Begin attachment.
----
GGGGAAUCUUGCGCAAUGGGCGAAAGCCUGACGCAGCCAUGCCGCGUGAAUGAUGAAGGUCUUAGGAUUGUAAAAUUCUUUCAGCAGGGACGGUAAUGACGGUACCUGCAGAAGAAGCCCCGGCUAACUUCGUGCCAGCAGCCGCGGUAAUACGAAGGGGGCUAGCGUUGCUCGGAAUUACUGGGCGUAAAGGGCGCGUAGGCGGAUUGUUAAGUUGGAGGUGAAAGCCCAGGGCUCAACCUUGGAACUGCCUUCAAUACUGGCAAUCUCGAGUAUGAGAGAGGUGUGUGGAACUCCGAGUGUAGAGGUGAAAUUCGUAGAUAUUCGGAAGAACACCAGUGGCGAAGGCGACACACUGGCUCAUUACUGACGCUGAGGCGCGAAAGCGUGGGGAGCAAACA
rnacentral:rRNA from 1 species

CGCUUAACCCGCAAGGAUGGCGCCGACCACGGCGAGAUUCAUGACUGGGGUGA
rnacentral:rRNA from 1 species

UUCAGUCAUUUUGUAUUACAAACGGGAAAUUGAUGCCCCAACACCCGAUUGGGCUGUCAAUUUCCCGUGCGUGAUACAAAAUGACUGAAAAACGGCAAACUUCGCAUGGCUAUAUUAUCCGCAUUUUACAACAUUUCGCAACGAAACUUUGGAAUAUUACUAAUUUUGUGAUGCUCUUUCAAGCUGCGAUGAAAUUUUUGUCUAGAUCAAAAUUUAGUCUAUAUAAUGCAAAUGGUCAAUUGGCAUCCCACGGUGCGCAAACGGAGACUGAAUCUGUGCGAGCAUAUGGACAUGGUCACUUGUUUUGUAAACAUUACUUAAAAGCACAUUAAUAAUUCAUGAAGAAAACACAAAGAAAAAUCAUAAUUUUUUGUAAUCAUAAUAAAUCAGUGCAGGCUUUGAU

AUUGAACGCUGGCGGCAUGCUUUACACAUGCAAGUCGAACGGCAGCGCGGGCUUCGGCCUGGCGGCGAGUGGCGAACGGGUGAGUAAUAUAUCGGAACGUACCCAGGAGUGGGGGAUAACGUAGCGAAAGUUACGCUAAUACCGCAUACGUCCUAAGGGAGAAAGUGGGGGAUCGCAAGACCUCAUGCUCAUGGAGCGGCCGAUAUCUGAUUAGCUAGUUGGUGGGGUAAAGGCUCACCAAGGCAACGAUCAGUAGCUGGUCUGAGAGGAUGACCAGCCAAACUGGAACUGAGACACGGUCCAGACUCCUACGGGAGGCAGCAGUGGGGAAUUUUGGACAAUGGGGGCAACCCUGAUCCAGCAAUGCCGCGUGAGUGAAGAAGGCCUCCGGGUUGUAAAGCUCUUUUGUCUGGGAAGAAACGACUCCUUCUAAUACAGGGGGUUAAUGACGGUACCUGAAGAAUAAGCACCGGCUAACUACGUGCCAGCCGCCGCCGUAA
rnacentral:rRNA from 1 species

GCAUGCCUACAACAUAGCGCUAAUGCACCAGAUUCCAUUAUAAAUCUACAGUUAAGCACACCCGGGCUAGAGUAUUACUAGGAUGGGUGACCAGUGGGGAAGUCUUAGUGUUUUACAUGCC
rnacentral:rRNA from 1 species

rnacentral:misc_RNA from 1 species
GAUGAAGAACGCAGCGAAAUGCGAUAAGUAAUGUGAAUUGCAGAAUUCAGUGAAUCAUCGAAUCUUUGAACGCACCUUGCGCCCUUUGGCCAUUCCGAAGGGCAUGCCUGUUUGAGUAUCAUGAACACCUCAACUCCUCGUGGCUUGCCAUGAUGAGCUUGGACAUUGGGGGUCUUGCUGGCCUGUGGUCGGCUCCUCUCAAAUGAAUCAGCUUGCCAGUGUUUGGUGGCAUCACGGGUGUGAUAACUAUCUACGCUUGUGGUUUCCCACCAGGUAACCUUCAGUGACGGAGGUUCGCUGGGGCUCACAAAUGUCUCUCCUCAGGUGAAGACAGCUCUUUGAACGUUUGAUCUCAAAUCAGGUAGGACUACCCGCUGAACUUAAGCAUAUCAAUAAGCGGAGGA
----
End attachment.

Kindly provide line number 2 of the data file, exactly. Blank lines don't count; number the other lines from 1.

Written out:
rnacentral:rRNA from 1 species